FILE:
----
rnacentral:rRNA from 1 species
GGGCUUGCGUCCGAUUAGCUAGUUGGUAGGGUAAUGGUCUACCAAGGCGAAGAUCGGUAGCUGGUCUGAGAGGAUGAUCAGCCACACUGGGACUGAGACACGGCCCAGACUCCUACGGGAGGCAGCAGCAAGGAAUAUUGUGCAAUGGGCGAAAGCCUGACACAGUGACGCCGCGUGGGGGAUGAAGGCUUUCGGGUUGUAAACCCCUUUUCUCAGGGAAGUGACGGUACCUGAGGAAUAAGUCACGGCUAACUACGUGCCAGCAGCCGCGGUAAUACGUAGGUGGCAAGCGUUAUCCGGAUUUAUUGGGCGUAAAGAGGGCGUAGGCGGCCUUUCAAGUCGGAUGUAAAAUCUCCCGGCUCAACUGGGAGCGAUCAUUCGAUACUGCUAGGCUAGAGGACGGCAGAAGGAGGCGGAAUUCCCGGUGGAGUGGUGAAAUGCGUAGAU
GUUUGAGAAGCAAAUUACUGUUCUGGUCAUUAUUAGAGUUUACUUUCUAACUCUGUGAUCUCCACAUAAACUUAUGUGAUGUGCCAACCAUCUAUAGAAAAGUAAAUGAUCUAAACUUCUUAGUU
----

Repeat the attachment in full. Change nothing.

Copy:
rnacentral:rRNA from 1 species
GGGCUUGCGUCCGAUUAGCUAGUUGGUAGGGUAAUGGUCUACCAAGGCGAAGAUCGGUAGCUGGUCUGAGAGGAUGAUCAGCCACACUGGGACUGAGACACGGCCCAGACUCCUACGGGAGGCAGCAGCAAGGAAUAUUGUGCAAUGGGCGAAAGCCUGACACAGUGACGCCGCGUGGGGGAUGAAGGCUUUCGGGUUGUAAACCCCUUUUCUCAGGGAAGUGACGGUACCUGAGGAAUAAGUCACGGCUAACUACGUGCCAGCAGCCGCGGUAAUACGUAGGUGGCAAGCGUUAUCCGGAUUUAUUGGGCGUAAAGAGGGCGUAGGCGGCCUUUCAAGUCGGAUGUAAAAUCUCCCGGCUCAACUGGGAGCGAUCAUUCGAUACUGCUAGGCUAGAGGACGGCAGAAGGAGGCGGAAUUCCCGGUGGAGUGGUGAAAUGCGUAGAU
GUUUGAGAAGCAAAUUACUGUUCUGGUCAUUAUUAGAGUUUACUUUCUAACUCUGUGAUCUCCACAUAAACUUAUGUGAUGUGCCAACCAUCUAUAGAAAAGUAAAUGAUCUAAACUUCUUAGUU